According to The Center for Disease Control and Prevention’s (CDC) weekly Morbidity and Mortality Report, the United States (U.S.) has the highest vehicle crash death rate of 19 high-income nations, such as Belgium, Slovenia, Spain and France. In 2000, each of those countries had a death rate of 14 per every 100,000 people. The U.S. rate decreased 31%, however this paled in comparison to the 59% decrease of other comparable countries. The greatest reduction was seen in Spain with a decrease of 75% from 2000 to 2013; Slovenia also reduced their rate by 62%.
In 2013, the U.S. had the highest death rate, remaining in the double digits at 10.3 per 100,000 while other nations significantly reduced their rates. Belgium remained at second highest, however their rate significantly lower at 6.5 per 100,000. The year 2013 also saw the loss of 33,000 U.S. lives year due to motor vehicle related crashes. The nearly 33,000 people who died in car crashes in 2013 is almost 10,000 more than all of the vehicle-related deaths in all comparable 19 countries, while the U.S. population does not amount to the total population of those countries. If the U.S. was able to maintain the same death rate as Belgium, approximately 12,000 lives would have been saved that year and $140 million in medical expenses avoided.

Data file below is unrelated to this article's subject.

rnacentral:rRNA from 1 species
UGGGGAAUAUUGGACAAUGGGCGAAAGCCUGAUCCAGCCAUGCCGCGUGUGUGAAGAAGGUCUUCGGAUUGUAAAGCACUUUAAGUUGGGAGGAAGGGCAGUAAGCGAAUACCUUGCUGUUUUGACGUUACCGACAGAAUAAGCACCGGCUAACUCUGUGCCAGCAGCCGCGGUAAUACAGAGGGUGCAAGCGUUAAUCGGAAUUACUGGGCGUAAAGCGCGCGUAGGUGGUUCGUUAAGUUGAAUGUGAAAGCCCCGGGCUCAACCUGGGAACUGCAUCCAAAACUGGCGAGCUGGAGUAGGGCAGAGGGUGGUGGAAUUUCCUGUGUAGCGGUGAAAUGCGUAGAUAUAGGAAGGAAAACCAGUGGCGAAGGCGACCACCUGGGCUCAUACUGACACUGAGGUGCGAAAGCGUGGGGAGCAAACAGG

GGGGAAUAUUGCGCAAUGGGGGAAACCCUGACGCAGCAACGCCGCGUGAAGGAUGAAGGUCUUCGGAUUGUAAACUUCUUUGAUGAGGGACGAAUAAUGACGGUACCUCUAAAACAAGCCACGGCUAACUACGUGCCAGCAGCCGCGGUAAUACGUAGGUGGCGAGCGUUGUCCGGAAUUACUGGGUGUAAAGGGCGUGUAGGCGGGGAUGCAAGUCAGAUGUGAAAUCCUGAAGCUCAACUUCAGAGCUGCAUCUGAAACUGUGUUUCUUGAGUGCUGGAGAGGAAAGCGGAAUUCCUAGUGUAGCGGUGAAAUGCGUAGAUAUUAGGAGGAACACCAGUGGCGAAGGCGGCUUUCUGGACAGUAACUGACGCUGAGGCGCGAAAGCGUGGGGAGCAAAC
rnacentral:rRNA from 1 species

The CDC’s report also looked into the rate of crash deaths per 10,000 registered cars and found the rate in the U.S. was almost double the average of other countries. National seatbelt data ranked the U.S. at 18 of 20 for front seatbelt use and 13 of 18 for rear seatbelt use. The U.S. also reported the highest rate of alcohol impaired driving deaths at (31%) and the highest percentage of crash deaths involving speeding (29%). The report states that the U.S. has made a significant amount of progress; however car crashes remain a significant issue.